LIVE REVIEW: The Cat Empire at Zoo Twilights
Zoo Twilights at Melbourne Zoo January 26 to March 10
Media passes provided by Event Organisers
Words by Bec Grech
As DJ Mike Gurrieri spun a unique mix of world music and beats, with driving bass and soulful vocals, smiling punters poured through the gates of the Melbourne Zoo.
Local artist Allysha Joy opened up the evening with her deep vocals, accompanying herself on the keys. Her set continued to build with the addition of backing harmonies, percussion, saxophone and bass. Joined by members of Melbourne’s 30/70 Collective, Joy’s performance was a mix of soul, jazz and hip hop, boasting crisp percussion licks, skilful saxophone embellishments and gorgeous vocal harmonies.
‘Joy’s performance was a mix of soul, jazz and hip hop, boasting crisp percussion licks, skilful saxophone embellishments and gorgeous vocal harmonies’
The Cat Empire graced the stage just as the sun dropped below the surrounding tree line. Kicking off their set with ‘Wolves’, a track from their 7th album, Rising With The Sun, saw the sea of picnic rugs transform into a dance floor. The chorus of the well know track ‘And maybe one day we’ll all stand still, and watch the sun fall down over that hill‘ suggest the song was purposely chosen, and appropriately so, for the Zoo Twilights event.
We were next treated to an older song ‘Sol Y Sombra’ which prompted a lively keys solo by Ollie McGill, and a seamless transition into ‘Prophets In The Sky’ lead by Harry James Angus on the trumpet.
A mix of old and new songs appealed to fans of all ages, including toddlers with animal face paint, playing the air trumpet from the shoulders of their parents.
Time seemed to fly by with Felix Riebl’s soothing vocals, tag teaming with Angus for the lead. Riebl’s announcement of their strict curfew lead to an incredibly strong finale, including three of their classic, feel-good anthems; ‘While You’re Still Young’, ‘The Wine Song’ (which prompted an enthusiastic call and response between Angus and the audience) and lastly ‘The Chariot’.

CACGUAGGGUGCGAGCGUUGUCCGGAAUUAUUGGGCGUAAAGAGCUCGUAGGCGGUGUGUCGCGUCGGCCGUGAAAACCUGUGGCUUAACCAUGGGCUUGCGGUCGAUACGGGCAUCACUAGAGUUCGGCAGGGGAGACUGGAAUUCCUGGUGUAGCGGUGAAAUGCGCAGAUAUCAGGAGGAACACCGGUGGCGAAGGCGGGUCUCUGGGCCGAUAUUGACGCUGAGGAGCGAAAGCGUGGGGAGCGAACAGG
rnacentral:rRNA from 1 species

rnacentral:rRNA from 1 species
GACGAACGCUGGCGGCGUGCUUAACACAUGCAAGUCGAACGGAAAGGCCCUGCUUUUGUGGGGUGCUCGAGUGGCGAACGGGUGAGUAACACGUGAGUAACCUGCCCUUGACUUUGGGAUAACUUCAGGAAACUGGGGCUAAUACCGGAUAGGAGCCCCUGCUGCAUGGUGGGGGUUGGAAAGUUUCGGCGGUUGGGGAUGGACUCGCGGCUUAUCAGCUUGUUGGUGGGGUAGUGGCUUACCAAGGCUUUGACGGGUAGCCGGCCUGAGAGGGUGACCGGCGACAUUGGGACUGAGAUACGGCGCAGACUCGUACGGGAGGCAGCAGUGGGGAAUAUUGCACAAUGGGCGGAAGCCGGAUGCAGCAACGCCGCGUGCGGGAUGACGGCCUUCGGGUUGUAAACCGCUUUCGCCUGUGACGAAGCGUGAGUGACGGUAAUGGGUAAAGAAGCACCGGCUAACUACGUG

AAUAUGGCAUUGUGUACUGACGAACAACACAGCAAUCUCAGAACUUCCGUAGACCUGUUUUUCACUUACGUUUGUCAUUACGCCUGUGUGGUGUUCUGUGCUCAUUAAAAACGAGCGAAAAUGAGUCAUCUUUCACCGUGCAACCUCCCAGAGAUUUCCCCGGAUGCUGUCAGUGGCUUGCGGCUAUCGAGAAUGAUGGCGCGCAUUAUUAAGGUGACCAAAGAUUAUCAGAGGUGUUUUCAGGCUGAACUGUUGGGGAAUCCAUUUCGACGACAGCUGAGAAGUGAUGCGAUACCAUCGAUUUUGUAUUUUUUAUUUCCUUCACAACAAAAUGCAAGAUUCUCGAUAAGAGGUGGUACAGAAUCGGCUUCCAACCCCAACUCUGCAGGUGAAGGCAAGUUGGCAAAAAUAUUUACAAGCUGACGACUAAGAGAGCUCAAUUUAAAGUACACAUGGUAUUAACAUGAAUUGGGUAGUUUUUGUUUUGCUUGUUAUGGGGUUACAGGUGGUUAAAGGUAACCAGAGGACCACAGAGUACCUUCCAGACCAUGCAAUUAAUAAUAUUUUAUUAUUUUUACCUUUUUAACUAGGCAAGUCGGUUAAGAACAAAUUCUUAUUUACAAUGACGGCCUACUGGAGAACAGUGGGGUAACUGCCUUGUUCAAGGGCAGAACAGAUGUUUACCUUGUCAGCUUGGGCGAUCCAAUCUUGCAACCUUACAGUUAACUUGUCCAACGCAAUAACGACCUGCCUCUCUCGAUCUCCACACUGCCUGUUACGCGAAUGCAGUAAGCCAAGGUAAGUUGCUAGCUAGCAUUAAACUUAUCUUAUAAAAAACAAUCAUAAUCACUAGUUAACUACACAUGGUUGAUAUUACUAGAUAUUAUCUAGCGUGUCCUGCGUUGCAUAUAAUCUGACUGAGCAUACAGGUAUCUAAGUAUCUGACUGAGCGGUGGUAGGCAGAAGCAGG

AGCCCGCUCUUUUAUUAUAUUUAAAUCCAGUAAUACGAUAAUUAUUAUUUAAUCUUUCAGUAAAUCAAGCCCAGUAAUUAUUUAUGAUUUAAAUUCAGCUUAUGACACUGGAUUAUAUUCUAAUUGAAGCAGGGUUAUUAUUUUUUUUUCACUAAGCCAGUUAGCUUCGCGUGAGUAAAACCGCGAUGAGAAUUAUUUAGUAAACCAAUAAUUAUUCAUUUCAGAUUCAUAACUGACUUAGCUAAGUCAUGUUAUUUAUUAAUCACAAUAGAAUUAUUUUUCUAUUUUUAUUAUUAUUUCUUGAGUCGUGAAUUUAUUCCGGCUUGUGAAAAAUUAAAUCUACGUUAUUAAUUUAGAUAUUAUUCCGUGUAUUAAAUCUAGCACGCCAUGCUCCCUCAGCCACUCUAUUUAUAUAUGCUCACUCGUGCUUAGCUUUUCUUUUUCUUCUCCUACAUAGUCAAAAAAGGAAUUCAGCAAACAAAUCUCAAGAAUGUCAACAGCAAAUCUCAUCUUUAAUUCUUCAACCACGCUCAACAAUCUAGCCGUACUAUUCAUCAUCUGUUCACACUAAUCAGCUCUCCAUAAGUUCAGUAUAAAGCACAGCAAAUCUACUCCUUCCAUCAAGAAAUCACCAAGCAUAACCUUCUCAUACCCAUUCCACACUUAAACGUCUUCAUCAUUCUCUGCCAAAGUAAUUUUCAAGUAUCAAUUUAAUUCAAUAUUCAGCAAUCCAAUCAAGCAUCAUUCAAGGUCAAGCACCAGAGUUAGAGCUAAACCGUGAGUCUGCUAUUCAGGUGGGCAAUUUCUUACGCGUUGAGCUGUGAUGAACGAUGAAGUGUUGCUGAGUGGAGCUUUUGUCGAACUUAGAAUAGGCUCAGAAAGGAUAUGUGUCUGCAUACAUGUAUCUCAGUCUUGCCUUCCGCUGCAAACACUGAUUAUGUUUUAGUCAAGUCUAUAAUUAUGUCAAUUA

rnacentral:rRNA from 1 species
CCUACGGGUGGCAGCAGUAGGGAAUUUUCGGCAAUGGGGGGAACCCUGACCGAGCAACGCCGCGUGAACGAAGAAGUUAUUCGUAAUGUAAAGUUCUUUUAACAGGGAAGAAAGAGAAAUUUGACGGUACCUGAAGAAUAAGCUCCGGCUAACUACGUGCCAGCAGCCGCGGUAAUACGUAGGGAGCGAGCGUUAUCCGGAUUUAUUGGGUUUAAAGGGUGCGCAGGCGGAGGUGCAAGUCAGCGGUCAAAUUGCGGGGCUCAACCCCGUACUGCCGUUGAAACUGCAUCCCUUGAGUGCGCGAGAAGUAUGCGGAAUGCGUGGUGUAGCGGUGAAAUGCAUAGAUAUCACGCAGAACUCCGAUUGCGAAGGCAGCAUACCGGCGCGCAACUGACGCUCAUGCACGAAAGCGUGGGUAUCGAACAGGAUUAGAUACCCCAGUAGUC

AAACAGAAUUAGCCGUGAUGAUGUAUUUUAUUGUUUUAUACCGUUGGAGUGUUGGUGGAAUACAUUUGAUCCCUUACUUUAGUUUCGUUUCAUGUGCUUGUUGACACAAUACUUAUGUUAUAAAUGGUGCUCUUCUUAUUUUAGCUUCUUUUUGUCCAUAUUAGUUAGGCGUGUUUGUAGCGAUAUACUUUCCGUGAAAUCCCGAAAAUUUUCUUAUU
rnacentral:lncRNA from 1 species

‘Thumping floor toms and bass accompanied Angus’ soaring vocals that increased in tempo throughout the song to a climactic finish’
My personal highlight included their performance of ‘The Darkness’, a song I grew up listening to but was yet to experience live. The thumping floor toms and bass accompanied Angus’ soaring vocals that increased in tempo throughout the song to a climactic finish. Also notable was ‘Steal The Light’ where the powerful brass section signified the chorus when the audience collectively jumped with joy, singing along.
The Cat Empire are an amazing live band who never fail to put on a fun show. Their tight jams and smooth solo transitions between band members is just as impressive the 6th time seeing them perform live as is the first.
With all proceeds from the Zoo Twilights shows going back into Zoos Victoria’s commitment to fighting the extinction of the 21 most at-risk species in Victoria, it was a wonderful way to spend a summer evening.